20 NOVEMBER 1847, Page 12


A PRACTICE is on the increase which causes serious obstacles to the administration of justice—barristers take fees to attend for the prosecution or defence, and when the case comes on they are found to be absent. The abuse is observable in all courts, from the Parliamentary Committee or Court of Queen's Bench to the Middlesex Sessions-house ; and it is perhaps in the minor criminal courts that it operates most seriously as a grievance. There are several reasons for it, almost every party sharing the blame. The barrister grasps at more business than he can per- form, and dishonestly accepts the " retaining " fee without feeling himself retained. The suitor plays into the hands of the grasp- ing barrister, by an overweening prejudice in favour of certain men. The attorney aids that bias, because it is more easy for him mechanically to let his patronage run to certain chambers than to seek out in each case the fittest man, and because the having secured the most " eminent " counsel shields him from responsibility should the trial go against his client. This bias has gone so far, that even a negative burlesque upon it has become an established rule, and it often happens that eminent counsel are retained, nominally, in order to prevent their appearing on the hostile side ; a practice well known in the Railway Committee- rooms of Parliament. Juries encourage the monopoly of busi- ness, in suffering themselves to be specially cajoled by certain men. The court encourages the abuse in many ways. One mode, as in the instance of juries, is by being too readily swayed in favour of particular counsel : it used to be said of one eminent barrister, now a judge, that in the court where he practised the decision was always given in his favour—not that any corrupt motive was imputed to the president of the court, but he was sup- posed to be overlaid by the superior will and force of the counsel. The inopportune absence of barristers is fostered by the indul- gence with which in such cases judges postpone trials, so that a counsel who stays away earning his fee in another court lives in hopes that he may yet be in time to earn the second fee, and thus save his conscience as well as augment his purse ; for in either case the fee is retained, though the barristers be not. At the same time, a show of excuse is offered for the irregularity of cnunsel, by the fact that the business of all courts has become very irregu- lar; thus defeating every calculation, and obliging the conscien- tious lawyer, who resolves that his client's case shall not be missed, to waste hours and even days in profitless attendance. However numerous the causes of the abuse, a reform would require but a very moderate exercise of common sense and firm- ness. In the first place, if some slight additional sacrifice were made to regularity, barristers would be able to plan their engage-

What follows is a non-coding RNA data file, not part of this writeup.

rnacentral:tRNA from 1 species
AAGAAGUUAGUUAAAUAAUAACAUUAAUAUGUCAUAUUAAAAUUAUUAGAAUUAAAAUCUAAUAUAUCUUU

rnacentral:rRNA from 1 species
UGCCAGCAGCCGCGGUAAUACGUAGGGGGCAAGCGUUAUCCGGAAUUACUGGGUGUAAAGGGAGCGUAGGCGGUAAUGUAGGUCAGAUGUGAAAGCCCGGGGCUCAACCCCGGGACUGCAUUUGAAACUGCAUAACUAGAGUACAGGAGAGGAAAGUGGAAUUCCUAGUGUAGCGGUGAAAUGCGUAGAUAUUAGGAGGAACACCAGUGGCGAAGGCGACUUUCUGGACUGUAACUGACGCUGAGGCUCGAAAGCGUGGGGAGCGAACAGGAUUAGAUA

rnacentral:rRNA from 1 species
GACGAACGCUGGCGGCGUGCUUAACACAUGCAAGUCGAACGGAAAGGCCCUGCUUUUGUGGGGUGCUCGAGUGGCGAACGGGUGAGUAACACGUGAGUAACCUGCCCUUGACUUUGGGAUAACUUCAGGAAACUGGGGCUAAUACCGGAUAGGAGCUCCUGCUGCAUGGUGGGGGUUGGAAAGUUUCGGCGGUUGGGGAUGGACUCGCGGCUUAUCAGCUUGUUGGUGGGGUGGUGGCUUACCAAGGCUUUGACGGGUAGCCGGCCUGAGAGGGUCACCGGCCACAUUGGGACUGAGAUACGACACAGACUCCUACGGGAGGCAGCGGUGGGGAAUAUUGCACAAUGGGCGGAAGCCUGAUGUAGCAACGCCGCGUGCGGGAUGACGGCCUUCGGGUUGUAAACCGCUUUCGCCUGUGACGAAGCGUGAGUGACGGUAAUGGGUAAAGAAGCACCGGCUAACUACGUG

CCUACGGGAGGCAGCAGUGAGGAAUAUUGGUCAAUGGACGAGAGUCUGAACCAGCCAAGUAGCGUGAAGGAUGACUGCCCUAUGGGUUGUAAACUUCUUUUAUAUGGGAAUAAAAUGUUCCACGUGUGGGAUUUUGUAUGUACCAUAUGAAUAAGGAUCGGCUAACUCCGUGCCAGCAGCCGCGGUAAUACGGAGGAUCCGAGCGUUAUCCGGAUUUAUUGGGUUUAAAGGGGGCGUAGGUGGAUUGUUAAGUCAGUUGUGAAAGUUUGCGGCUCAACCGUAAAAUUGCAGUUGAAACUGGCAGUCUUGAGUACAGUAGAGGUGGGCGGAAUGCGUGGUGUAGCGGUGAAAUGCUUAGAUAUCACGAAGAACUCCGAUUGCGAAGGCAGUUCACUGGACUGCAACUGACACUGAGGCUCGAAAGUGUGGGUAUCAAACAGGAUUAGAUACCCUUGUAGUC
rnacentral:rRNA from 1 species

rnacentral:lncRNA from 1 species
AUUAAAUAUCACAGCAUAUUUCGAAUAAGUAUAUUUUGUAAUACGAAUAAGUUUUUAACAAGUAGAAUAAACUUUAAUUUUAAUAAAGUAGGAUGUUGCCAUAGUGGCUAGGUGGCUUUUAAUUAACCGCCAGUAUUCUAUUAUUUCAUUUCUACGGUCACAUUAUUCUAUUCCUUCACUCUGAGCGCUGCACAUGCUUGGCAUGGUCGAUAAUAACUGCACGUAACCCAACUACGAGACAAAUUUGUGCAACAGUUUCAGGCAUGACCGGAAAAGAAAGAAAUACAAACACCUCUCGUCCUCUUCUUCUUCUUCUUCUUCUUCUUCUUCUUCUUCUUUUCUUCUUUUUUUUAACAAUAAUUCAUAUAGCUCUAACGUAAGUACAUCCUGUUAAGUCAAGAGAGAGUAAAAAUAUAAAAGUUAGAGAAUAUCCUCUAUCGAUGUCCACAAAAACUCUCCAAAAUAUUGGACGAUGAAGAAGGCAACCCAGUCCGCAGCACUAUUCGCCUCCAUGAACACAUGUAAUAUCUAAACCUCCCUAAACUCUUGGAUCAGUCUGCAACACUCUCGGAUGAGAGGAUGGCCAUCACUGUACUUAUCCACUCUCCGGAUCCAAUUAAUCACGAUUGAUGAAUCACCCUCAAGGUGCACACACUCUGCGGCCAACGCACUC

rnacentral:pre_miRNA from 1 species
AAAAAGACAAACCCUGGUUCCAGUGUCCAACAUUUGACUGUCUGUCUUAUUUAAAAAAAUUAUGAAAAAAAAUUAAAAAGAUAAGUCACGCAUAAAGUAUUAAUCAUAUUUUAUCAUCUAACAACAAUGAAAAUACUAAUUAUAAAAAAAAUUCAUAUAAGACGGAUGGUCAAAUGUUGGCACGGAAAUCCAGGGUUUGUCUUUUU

ments better. Next, if judges were in no case to wink at the abuse in favour of eminent counsel, and were never to postpones hearing for the mere convenience of barristers, the learned gentle- men would cease to gamble on the chances of fulfilling engage- ments originally incompatible, and would perhaps fall into a habit of remaining more exclusively in one court; leaving a bet- ter chance in the courts from which they staid away for their brethren. In the third place, attornies and their clients would often consult their own interest, if, instead of engaging some great name, of which the body was to be absent at the moment of trial, they were to search out among the junior members of the bar some able and zealous man, with all the activity of earlier years, and with all the motives of an unsated ambition. An instance of this kind came within our knowledge not long ago : a person who had been wearied by the fruitless routine conduct of a case, for years, in the hands of most eminent counsel, instructed his at- torney to pick out two junior members of the bar to take the case in charge ; the attorney used his perceptive faculties, and pitched upon two young men who were precisely suited to his purpose; the case felt the influence of the new life thrown into it, and moved on with fresh success ; and the two young men were at once lifted into eminence. Of course, the materials for great counsel lie among the younger members of the bar ; and human faculties, after a certain point, are not often the better for keeping: but how seldom does the "young gentleman " of the bar obtain an opportunity for showing what is in him how often does the suitor, following the custom with sheeplike sequaciousness, give his fee to a great name and secure merely the absence of counsel, when a diligent search might find the very man he wanted, with every motive for industry and zeal—presence of body as well as presence of mind.